Investment in SelfDuring the morning break at the Santa Fe Symposium (SFS) yesterday, I made an investment in myself. I went out by the pool, took my shirt off and sat in the sun for a full half-hour. Hard to give up the networking, every moment here is an opportunity to meet a new, or reunite with an old friend. And SFS is populated by many of the most important people in the jewelry industry.
But the best investment can be elusive. And for me it is rarely about the money, or contacts or what many people would recognize as “opportunity”. I’ve come to recognize that an investment can mean many other things.
Here’s an example. When I first began coming to SFS 12 years ago it became customary for me to take an early-morning walk down to the Rio Grande River. It’s just over a mile from the hotel and at an early hour, as the sun comes up, a very pleasant walk. Part of that walk proceeds west from Rio Grande Blvd. along Central Avenue, old Route 66. That half-mile stretch from Rio Grande Blvd. to the river has several operating old-time Route 66 hotels. I became intrigued by one that was abandoned the first time I made that walk. It is called El Vado and is an adobe-type construction that, at least in my imagination, must have had a colorful history. I visualized buying that dilapidated property and restoring it to a vibrant bit of history with a contemporary, hip, spin.
Well, it is a good dream, and I have held on to it for all the years I’ve been coming down here, wondering what it would be like. Just what would it take to bring back to functionality and how cool could I make it? Of course, my real love is designing and manufacturing custom jewelry so I knew that El Vado would remain a dream for me. But I have built an “investment” in that property that will never go away! And on today’s walk I find that someone is making my El Vado dream come true for themselves. I’m ecstatic!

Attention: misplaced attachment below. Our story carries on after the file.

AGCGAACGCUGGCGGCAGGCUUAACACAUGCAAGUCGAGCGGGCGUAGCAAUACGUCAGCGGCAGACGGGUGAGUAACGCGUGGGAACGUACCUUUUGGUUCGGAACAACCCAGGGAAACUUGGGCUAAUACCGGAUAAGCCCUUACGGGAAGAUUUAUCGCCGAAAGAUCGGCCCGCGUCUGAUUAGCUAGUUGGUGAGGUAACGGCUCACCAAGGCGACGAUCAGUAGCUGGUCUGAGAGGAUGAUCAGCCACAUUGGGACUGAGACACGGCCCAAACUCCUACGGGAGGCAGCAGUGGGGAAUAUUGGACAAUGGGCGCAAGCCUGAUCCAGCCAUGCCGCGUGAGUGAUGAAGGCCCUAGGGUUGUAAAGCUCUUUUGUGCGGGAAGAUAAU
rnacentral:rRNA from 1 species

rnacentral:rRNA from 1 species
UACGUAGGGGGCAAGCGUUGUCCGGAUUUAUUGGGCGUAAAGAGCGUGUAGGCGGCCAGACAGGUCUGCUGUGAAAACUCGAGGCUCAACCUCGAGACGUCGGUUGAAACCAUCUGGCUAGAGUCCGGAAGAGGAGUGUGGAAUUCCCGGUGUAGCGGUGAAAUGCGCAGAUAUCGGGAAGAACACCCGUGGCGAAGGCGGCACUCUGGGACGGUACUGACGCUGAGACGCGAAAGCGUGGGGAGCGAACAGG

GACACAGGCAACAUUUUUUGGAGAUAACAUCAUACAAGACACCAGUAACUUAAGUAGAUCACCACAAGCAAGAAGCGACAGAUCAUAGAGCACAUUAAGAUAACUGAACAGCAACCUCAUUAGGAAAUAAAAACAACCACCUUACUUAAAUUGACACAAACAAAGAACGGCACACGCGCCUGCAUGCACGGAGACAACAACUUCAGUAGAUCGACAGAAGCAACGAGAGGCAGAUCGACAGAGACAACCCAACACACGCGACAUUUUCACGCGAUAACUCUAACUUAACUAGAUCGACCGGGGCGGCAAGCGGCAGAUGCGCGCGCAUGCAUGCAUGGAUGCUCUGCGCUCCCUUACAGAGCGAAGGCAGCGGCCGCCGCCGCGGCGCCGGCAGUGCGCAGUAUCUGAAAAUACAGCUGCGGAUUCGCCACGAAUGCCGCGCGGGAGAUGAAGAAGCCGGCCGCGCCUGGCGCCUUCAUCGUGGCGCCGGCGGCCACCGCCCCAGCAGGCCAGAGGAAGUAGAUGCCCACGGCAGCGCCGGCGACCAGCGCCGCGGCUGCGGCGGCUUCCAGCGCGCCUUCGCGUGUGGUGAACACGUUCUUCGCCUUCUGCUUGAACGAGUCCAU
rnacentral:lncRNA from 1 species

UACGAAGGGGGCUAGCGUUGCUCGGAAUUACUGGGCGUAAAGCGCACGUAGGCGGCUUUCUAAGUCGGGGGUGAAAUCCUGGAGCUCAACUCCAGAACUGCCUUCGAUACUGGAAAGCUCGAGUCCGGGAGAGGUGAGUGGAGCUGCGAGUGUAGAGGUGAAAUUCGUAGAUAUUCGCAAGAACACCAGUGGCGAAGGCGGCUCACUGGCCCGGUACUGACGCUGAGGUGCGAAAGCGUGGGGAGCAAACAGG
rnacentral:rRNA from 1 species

I knew I was never going to restore that property but every year that I walked down past it I feared I would see it leveled, or worse, a cracker-box hotel replacing my beloved El Vado. That’s a classic emotional investment that I’m happy to retain. And I can’t wait to come stay one day, drink a craft beer sitting by the pool that, under different circumstances, might have been mine.
Investment in Others
Now, most people should probably never really consider jewelry to be a monetary investment. But one can make a different kind of investment with well-made jewelry! The emotional investment that we all have in the relationships and special events in our lives are often memorialized in personal jewelry.
I love being a part of that! Contact me today to begin your project. It doesn’t have to cost a lot of money, the investment will be in the people you love, and the things that are important to you. Like sitting in the sun, or having a dream…
And although I’ve spoken at many events, and 5 times already at this upcoming event, I always have a little stage fright. Fear is good. Keeps you on your toes. When I was rock climbing more frequently, getting good enough to lead a 5.8 crack pitch with traditional technique, placing my own protection as I went, I was often asked, “Aren’t you afraid?” Hell yes I was. And that fear kept me safe, I truly believe that. Unbridled fear is dangerous, of course. Paralyzing. And it can easily become a deadly spiral if you are high on the rock wall and get locked up, too afraid to move, as you gradually lose the strength to stay where you are.
In fact, the most serious injury I’ve yet sustained in rock climbing was from trying too hard not to fall. When I realized I was going to fall, I should have just let go, trusting my gear. But no, I held on beyond the ability of my shoulder to keep it together and consequently suffered a little rotator cuff pain for the best part of a year as it healed up. The eventual fall didn’t harm me at all, as the protection I had placed served in just the way it was intended.